Sites o Micro-Political Teatre 
Troughout the project, we worked together as a group o artists—Arianna Econo-mou (choreographer and dancer), Peter Hulton (video artist and documenter), IlkerKaptanoglu (musician and composer), Larkos Larkou (sound designer and composer),Serhat Selisik (sculptor and installation artist), Horst Weierstall (installation artist anddocumenter), and I (director and dramaturg)—to nd a way o responding to the“many deep wounds” Neophytou addresses. In a situation dominated by the macropolitics o the UN, the E.U., Greece, urkey, the UK and the U.S., we attemptedto do this by creating an artistic orum and structure in which the individual voiceso ordinary people might be heard: that is, a structure that might include theirstories, their experiences, their memories, belies and hopes, rather than those o public institutions.Tis piece, then, created in the divided city o Nicosia, the last divided city inEurope, aimed towards multi-authorship and micro political action, giving spaceto tiny, private moments, bringing them into the public arena and allowing themto be heard, hence the title:
the still small voice o the people 
. Video interviews wereconducted with elderly people rom both sides o the military border, and their storiesand memories o living in a mixed community beore the division were interwoveninto the piece. Stories were told about those who had died in both the Greek andurkish Cypriot communities; signicantly, the two main perormers were rom theGreek and the urkish Cypriot communities, respectively. Teir autobiographicalstories ormed one o the main threads in the piece, as did their individual peror-mance practices: dance and music.My article is both a refection and analysis o that process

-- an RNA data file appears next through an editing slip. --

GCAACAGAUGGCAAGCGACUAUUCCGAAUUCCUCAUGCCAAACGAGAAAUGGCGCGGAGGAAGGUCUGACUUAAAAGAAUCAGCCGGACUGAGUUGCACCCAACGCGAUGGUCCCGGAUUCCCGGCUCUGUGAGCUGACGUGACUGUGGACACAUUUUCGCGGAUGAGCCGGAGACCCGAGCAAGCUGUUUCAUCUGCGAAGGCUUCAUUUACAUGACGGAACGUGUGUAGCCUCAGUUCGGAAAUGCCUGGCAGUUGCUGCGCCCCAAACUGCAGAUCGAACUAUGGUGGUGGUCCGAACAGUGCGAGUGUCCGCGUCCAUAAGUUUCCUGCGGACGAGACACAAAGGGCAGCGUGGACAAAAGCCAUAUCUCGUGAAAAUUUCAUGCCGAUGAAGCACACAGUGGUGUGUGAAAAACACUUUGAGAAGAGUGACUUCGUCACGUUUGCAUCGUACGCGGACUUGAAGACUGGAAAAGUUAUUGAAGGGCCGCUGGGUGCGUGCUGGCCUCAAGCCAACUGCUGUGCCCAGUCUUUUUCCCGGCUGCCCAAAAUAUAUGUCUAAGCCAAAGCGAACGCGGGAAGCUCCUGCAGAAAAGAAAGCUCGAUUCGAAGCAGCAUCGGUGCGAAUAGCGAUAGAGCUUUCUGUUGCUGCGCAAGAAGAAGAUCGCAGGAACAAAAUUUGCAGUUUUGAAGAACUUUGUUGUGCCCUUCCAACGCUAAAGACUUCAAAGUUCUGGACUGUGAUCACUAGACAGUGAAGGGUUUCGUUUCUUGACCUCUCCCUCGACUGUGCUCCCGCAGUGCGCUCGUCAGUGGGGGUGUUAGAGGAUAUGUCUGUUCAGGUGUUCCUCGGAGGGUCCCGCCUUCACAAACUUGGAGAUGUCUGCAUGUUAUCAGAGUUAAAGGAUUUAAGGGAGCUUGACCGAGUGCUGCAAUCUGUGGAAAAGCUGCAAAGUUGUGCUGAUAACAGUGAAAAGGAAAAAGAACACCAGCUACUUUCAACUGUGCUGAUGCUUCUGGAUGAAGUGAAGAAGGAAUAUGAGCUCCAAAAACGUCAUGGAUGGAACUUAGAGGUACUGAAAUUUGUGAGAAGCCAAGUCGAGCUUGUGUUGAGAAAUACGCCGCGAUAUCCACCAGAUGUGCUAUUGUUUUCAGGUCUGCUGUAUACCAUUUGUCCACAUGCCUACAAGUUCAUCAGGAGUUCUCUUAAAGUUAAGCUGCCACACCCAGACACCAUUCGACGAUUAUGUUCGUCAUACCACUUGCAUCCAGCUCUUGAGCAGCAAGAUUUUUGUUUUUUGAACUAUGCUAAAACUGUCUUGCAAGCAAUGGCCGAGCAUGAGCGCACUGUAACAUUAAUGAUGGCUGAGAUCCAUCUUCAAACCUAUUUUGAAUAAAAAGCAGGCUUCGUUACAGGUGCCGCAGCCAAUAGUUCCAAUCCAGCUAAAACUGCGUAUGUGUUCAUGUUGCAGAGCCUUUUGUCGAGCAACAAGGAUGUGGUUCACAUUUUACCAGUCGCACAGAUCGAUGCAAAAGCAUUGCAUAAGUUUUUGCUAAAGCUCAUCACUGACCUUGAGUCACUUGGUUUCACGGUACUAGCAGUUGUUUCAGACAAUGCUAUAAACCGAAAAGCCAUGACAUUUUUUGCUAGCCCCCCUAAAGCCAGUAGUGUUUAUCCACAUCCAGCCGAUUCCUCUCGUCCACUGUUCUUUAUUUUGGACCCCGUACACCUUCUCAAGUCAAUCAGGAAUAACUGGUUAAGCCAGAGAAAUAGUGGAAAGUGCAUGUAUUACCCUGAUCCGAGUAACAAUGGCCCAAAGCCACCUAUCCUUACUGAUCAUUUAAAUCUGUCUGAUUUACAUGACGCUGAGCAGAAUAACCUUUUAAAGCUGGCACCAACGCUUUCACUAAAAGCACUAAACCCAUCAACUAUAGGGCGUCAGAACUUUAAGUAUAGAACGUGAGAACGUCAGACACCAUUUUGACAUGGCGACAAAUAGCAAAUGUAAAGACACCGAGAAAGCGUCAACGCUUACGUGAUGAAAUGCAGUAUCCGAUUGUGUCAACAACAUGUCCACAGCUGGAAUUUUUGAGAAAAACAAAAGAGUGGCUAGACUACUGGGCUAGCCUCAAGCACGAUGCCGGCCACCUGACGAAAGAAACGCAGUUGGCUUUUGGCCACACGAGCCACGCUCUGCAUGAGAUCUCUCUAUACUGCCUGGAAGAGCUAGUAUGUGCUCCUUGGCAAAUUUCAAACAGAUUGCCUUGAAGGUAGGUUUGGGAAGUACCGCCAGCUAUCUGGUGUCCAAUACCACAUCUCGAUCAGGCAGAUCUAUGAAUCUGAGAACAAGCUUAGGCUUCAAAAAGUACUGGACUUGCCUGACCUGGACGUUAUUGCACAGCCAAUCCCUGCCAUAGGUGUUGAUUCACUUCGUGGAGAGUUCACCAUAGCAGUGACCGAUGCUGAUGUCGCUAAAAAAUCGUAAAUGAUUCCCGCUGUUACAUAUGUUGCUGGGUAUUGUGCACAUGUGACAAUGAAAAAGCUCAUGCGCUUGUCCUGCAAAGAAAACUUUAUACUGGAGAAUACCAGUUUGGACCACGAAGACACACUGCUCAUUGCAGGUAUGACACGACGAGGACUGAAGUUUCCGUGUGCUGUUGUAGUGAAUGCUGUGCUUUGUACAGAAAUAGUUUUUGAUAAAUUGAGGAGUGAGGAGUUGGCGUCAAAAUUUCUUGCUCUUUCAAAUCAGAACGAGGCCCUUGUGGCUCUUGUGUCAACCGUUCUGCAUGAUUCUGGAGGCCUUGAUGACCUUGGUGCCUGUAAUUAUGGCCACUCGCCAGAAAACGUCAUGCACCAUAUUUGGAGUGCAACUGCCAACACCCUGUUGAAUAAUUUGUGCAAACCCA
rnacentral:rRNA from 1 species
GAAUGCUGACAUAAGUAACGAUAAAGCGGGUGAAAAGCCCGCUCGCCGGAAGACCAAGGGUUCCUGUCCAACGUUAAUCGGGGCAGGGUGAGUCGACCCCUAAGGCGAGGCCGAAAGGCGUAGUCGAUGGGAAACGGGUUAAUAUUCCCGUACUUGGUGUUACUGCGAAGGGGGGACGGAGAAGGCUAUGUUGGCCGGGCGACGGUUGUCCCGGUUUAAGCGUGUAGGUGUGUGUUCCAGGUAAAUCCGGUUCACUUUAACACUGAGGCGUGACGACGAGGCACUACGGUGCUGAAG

o creating a multi-authoredpiece, examining ve compositional strategies—(1) Interplay; (2) Site as source andresource or generating perormance material; (3) Metaphor; (4) Momentum andrhythm; (5) Repetition—and their development and response to the political andhistorical context o the particular situation in which we were working. I hope,however, that these will open up as well to problems and questions inherent insimilar, less-situated, work.
Interplay is dened by the
Oxord English Dictionary 
as: “reciprocal or ree interac-tion; the operation or
o two or more things on each other.” A sense o 
mutual infuence—between people, between dierent kinds o imagery, and betweendierent perormance languages—was a determining actor within the making o 
the still small voice o the people.
Te piece was as much a “play” as it was a “perormancecomposition”; these terms run along a continuum, rather than separating themselveson either side o an aesthetic divide.
For collaboratively authored work, the rst question is oten one o common groundbetween the artists involved. In making
the still small voice o the people 
, we chose